FIG. 8B shows the optical spectrum of this device.
The optical synthesizer is formed of a semiconductive optical amplifier 55 whose residual reflectivity of the faces has been deliberately kept to such a value that it generates a modulation of the spontaneous emission spectrum. The interval Δλ between two successive resonances is fixed by the characteristics of the amplifier. Δλ=λ2/2nl (n: effective group index, I length of the component). This amplifier 55 is placed in an optical fiber loop 59 including an optical isolator 56 and a tuneable Fabry Perot filter 57. This unit forms a laser which emits a wavelength λi (i=1 to N) each time the filter 57 coincides with any one of the resonances of the spontaneous emission. The tuneability of the filter 57 is able to pass through the wavelength comb in the entire gain band of the amplifier 55.
The number N of λ=free spectral interval of the filter/Δλ.
The optical isolator 56 isolates the amplifier 55 from the reflections of the filter 57 and fixes the direction of rotation of the light in the loop.
In the optical transposer shown on FIG. 7, an amplitude-modulated tributary signal λA is injected by an optical coupler into the optical synthesizer. The signal modulates the gain of the amplifier and the level of the power emitted to the wavelength λi by the synthesizer. The incoming information is thus transposed on the wavelength λj.
The modulation speed of the injected signal λA is limited by the gain and size of the loop of the synthesizer. For dimensions of several centimeters, rates of about a hundred MHz may be attained.
The mixer 45 is formed of a 4 to 1 optical coupler per multiplexing stage.
The selector is formed of a 1 to N coupler 46 (N=22K, K multiplexing level). On each of the outgoing branches, a tuneable optical filter selects one channel from N.
In the case of the insertion/extraction function where it is desired to not demultiplex or remultiplex all the channels, this requires a component able to pick up and inject any one channel from N without disturbing the N-1 channels in transit.
FIG. 9A shows the architecture of this component able to be embodied from the fixed rejecting filter 55 and an optical isolator 56.
FIG. 9B shows the transfer function of a rejecting filter. The addressing of the channels is effected by dynamic emission or filtering. The choice depends for the most part of the compared tuneability of the sources and the filter.
FIG. 10 shows the architecture of a network of 64 channels. It includes a coloring module 60, a certain number of 1 to 4 mixers 61, an optical fiber 63, couplers 62 and filters 64.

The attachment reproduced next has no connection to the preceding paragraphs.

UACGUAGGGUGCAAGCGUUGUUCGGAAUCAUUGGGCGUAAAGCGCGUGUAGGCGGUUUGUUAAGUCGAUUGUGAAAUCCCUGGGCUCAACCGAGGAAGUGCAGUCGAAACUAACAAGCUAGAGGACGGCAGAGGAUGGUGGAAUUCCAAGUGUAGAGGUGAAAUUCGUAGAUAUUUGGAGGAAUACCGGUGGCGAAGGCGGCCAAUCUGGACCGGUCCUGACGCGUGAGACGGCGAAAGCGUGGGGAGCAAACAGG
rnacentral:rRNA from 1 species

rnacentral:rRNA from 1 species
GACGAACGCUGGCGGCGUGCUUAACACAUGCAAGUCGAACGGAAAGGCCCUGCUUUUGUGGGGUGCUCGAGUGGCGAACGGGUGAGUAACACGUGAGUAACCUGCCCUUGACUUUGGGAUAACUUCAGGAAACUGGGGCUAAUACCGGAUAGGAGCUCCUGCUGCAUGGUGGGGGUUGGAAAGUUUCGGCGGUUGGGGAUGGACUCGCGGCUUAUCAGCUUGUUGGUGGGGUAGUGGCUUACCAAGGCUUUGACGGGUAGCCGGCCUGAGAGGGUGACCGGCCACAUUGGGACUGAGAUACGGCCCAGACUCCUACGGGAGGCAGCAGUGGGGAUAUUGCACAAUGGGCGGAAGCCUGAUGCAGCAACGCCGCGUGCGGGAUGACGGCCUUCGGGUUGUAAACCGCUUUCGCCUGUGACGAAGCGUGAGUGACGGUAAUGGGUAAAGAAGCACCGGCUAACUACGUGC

In the previously fixed hypothesis of a rate determined by the time-division occupation of a conduit, the number of 2 Mbit/s channels in the full 140 Mbit/s rate is 64, each of them being marked by the sampling instant tj (j=1 to 64). If the transmission optical band is taken as that of the doped fiber amplifiers, namely 32 nm, the table below shows that a level parallelism 64 is accessible.
______________________________________ Spatial Spacing requirement______________________________________4 λ 8 nm 24 nm16 λ 2 nm 30 nm64 λ 0.5 nm 31.5 nm256 λ 0.125 nm 31.865 nm______________________________________
In this type of network, any 2 Mbit/s channel is marked by λi and its time-division window tj (t representing the period of the packet), as shown on FIG. 11.
The capacity of the network is the product of the elementary rate by the instant number tj (64) and the number of λi (64), namely:
C=64×64×2 Mbit/s=8192 Mbit/s.
So as to ensure synchronism of the time-division windows allocated to the tributaries, it is necessary to address the buffer memory read control from the central device managing synchronism. The significant time interval availability (T) between the emission of two successive packets can conceive an alternate functioning of the distant tributary laser. This laser then functions sometimes as a receiver of the signals emitted by the central device to the buffer memory or sometimes as a transmitter of the information packets.
The control signals emitted by the central managing device determine the time-division position of the emission window. When the tributary is formatted into packets and allocated to its time-division window, it traverses a coloring stage.
This coloring is based on optical transposition. This stage determines the level of parallelism of the tributary by transposing it on a specific wavelength, as shown on FIG. 12 illustrating a stage for shaping the tributaries.
The tributary packets are thus allocated on one of the N positions of the "frame" matrix: N=M*P (M: number of time-division windows, P:number of wavelengths).
FIG. 12 shows a tributary at 2 Mbit/s 69 entering a buffer memory 70 connected to an alternate laser 71 by a read connection 72 and a write connection 73. This laser 71 is also connected by means of an optical fiber 79 to a transposition stage 74 including an amplifier 75 and a tuneable laser 64 λ, 76 and to a laser 77. A selection module 78 of the time-division Fj and allocation window λi is connected to this transposition stage 74 and this laser 77.
FIG. 13 shows in diagram form the configuration of a 16×16 matrix with modules 81, 82, 83 and 84 for coloring the tributaries, a data transmission module 85, wavelength allocation modules 86, 87, 88 and 89 and modules 90, 91, 92 and 93 allowing for selective filtering.
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|U.S. Classification||398/54, 398/53, 398/75, 398/82|
|International Classification||H04J14/08, H04J4/00, H04Q11/00, H04J14/02, H04B10/02|
|Cooperative Classification||H04J14/08, H04Q2011/002, H04Q2011/0015, H04J14/0212, H04Q2011/0013, H04Q11/0066, H04Q2011/0009, H04Q2011/0011, H04Q11/0005|
|European Classification||H04J14/08, H04Q11/00P2|
|Dec 27, 1994||AS||Assignment|